Leon Robertson

Officer Leon Robertson is the Social Media Coordinator for the Hampton Police Division. Robertson has developed internationally recognized public safety messages, including the Jingle Bells “Holiday Safety Remix” in December 2013. He has extensive experience in graphic design, video & audio production, and managing various social media platforms. You can follow Officer Robertson’s efforts with the Hampton Police Division on Facebook, Twitter, and YouTube.

Tracy Phillips

Tracy is a Senior Project Specialist with the IACP. She is responsible for managing the day-to-day operation of the DiscoverPolicing.org Web site and coordinating the site's social networking plan. In addition, Ms. Phillips provides writing, editorial, and technical assistance on a variety of association projects and activities, including police management studies, job analyses, executives searches, federal grants, and various research projects and proposals. She has more than 10 years of experience in state and local government, including work as a management analyst, performance auditor, and crime analyst. Ms. Phillips holds a master's degree in public administration from the University of Georgia and a bachelor's from Clemson University.

Want to hear more from Tracy Phillips? Follow her and the Discover Policing team on TwitterFacebook, and on the Inside Discover Policing blog. You can also network with other police recruitment professionals in the Law Enforcement Recruitment LinkedIn group.

Dave Norris

Sergeant Dave Norris is a 21 year veteran of the City of San Mateo Police Department. He has worked in a number of positions including Juvenile Detective, Field Training Officer, Narcotics Detective, and Patrol Supervisor. Dave is currently assigned to Community and Media Relations and oversees day-to-day functions that involve the relationship between the police, the community, and the media. Dave is dedicated to the increase of community engagement through the use of social media. Under his management, San Mateo PD's direct subscribers to community alerts and public safety messaging has grown from several hundred to over 22,000.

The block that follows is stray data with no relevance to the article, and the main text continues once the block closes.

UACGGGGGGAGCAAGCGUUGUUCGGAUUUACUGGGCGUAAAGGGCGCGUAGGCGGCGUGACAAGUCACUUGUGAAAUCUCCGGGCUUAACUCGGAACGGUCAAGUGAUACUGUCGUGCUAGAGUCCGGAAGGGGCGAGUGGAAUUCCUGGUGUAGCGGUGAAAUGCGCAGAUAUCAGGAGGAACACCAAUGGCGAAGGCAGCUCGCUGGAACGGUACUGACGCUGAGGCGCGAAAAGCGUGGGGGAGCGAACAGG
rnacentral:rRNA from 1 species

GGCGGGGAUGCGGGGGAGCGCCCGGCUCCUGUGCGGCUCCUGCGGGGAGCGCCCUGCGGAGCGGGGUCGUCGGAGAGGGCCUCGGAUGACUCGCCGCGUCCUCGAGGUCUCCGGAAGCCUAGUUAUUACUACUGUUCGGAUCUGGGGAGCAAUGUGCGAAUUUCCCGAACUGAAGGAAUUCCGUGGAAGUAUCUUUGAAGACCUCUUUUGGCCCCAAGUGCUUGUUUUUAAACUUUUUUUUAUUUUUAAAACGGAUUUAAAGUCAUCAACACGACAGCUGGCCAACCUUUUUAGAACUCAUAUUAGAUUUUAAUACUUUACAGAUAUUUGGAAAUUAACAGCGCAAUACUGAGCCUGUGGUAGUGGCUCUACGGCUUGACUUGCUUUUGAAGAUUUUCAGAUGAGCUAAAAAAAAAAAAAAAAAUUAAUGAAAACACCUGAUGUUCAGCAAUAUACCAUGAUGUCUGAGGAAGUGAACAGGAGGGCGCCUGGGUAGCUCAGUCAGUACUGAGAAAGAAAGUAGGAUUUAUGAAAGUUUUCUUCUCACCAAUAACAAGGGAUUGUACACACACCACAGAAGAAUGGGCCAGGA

Chris Hsiung

Captain Chris Hsiung commands the Field Operations Division at the Mountain View Police Department in California. Through the department Community Action and Information Unit (CAIU), he manages strategy, community engagement, and growth through the police department social media channels. Chris has been serving the Mountain View community for over 19 years and has held a variety of assignments within MVPD. These include detective assignments in Property Crimes, Person Crimes, and High Tech Crimes as well as collateral assignments on SWAT and the Field Evidence Team. He also serves on the planning committee for the Bay Area Law Enforcement Social Media Group (BALESMG). You can follow him on Twitter @chMtnViewPD.

Lynn Hightower